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How do you inject a sample in HPLC?


High-performance liquid chromatography (HPLC) is a powerful analytical technique used to separate, identify, and quantify components in a sample. The success of an HPLC analysis largely depends on the proper injection of the sample into the system. Sample injection is a critical step that requires precision and attention to detail to achieve accurate and reproducible results. Injecting a sample in high-performance liquid chromatography (HPLC) involves several steps to ensure accurate and reproducible results. Here is a detailed guide on how to inject a sample in HPLC:

Step 1: Sample Preparation

Before injecting the sample, it is crucial to prepare it appropriately. Start by selecting a representative portion of the sample and ensure it is properly homogenized. If needed, filter the sample using a syringe filter to remove any particulate matter that may clog the HPLC column. Also, ensure that the sample is compatible with the mobile phase and does not contain any components that may interfere with the analysis.

Step 2: Choosing the Injection Method

HPLC offers different sample injection methods, including manual injection and autosampler injection. The selection of the injection method depends on factors such as the nature of the sample, desired level of automation, and throughput requirements.

  • Manual Injection: In manual injection, you load the sample using a syringe directly into the injection port of the HPLC system. This method is suitable for low sample throughput or when precise control over injection volume is necessary.
  • Autosampler Injection: An autosampler is an automated sample handling device that connects to the HPLC system. It allows for higher sample throughput and improved reproducibility. With an autosampler, you load the sample into vials placed in a sample tray, and the instrument automatically aspirates and injects the sample into the system.

Step 3: Manual Injection

If you are performing a manual injection, follow these steps:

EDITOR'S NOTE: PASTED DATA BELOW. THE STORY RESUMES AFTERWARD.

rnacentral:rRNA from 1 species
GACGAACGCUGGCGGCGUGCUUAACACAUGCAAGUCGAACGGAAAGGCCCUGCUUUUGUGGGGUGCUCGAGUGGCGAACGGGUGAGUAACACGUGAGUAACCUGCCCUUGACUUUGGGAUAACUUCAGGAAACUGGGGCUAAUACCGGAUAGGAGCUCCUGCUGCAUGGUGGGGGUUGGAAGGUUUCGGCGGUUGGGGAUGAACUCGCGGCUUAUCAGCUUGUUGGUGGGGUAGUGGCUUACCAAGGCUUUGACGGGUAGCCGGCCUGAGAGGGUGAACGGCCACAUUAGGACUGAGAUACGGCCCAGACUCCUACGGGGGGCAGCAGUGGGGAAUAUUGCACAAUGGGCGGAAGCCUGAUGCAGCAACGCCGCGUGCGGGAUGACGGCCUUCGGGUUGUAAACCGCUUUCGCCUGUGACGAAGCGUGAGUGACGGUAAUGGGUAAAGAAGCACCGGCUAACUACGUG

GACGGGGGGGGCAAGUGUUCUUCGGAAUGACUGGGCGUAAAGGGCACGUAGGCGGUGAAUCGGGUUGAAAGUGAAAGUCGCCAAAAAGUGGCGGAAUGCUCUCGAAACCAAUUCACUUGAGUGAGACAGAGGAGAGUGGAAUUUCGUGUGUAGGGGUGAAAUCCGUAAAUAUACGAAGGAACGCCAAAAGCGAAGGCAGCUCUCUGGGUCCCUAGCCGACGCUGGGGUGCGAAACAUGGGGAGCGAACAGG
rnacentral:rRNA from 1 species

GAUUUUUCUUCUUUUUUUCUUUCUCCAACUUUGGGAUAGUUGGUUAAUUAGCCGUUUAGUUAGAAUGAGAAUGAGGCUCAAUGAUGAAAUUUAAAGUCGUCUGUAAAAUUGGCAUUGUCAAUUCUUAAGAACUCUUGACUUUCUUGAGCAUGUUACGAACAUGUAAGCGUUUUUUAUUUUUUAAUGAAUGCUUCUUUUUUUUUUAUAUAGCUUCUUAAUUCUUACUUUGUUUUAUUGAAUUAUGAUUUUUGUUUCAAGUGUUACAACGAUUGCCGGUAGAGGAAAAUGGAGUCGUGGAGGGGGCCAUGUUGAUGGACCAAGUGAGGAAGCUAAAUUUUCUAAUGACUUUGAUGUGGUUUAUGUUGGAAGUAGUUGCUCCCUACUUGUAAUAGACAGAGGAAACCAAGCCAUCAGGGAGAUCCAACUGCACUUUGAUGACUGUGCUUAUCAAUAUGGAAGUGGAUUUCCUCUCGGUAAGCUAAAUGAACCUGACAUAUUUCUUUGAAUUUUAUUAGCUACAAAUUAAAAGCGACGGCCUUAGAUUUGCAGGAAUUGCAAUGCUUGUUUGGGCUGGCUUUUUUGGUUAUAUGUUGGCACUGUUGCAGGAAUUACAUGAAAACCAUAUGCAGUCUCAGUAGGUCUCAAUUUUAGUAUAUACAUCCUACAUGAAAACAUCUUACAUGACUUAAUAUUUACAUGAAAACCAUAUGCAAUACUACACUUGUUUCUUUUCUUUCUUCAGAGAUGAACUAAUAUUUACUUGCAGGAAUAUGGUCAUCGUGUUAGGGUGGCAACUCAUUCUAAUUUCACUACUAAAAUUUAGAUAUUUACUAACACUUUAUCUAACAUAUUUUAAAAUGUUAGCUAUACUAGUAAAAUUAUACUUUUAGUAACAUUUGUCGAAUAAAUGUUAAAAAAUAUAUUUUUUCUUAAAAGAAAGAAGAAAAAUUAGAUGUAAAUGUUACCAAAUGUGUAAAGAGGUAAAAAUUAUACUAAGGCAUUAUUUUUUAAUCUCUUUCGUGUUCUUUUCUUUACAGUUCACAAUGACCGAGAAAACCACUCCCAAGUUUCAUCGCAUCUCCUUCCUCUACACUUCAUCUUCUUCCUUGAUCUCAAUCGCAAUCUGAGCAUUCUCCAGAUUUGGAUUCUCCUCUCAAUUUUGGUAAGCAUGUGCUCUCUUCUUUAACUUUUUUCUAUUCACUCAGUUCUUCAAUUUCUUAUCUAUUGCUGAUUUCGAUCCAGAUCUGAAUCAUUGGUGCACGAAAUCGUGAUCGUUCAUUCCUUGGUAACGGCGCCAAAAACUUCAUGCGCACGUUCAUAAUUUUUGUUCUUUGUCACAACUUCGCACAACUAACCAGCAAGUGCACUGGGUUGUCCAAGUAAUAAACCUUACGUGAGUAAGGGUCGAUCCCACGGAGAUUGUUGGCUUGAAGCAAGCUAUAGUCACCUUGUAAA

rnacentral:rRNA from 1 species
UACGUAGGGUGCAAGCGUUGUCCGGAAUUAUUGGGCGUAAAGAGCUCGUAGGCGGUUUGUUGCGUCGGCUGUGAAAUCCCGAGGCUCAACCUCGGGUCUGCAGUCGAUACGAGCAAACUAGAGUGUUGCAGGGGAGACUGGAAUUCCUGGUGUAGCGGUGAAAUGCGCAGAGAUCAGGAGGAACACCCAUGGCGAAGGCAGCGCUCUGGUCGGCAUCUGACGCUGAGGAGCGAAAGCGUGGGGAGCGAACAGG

1. Ensure that the HPLC system is properly set up and equilibrated with the mobile phase.
  2. Choose a syringe of appropriate volume and attach a needle or a suitable injection valve.
  3. Draw the sample into the syringe, ensuring there are no air bubbles. Wipe off any excess sample from the outer surface of the syringe.
  4. Insert the needle or injection valve into the injection port of the HPLC system and gently push the plunger to inject the sample.

Withdraw the needle from the port, taking care not to introduce any air bubbles.

Step 4: Autosampler Injection

For automated sample injection using an autosampler, follow these steps:

  1. Ensure that the autosampler is properly connected to the HPLC system and configured according to the instrument’s instructions.
  2. Set up the sample vials in the autosampler tray, ensuring proper labeling and tracking.
  3. Program the autosampler with the desired injection volume, number of injections, and any other relevant parameters.
  4. Initiate the injection sequence according to the instrument’s software or control panel.
  5. The autosampler will accurately aspirate the sample from the vial and inject it into the HPLC system, maintaining precise volume control and reproducibility.

Step 5: Post-Injection

After the sample injection, it is essential to ensure proper system cleaning and maintenance. Flush the injection port or valve with the mobile phase or a suitable rinse solution to remove any residual sample and prevent carryover between injections. Follow the manufacturer’s guidelines for system maintenance and perform regular checks to ensure optimal performance.


Mastering sample injection in HPLC is essential for obtaining reliable and reproducible chromatographic results. Whether you opt for manual injection or leverage the automation capabilities of an autosampler, careful sample preparation, precise injection technique, and proper system maintenance are key. By following the step-by-step guide outlined in this blog, you can ensure accurate and consistent sample injections, leading to successful HPLC analyses and meaningful scientific insights.

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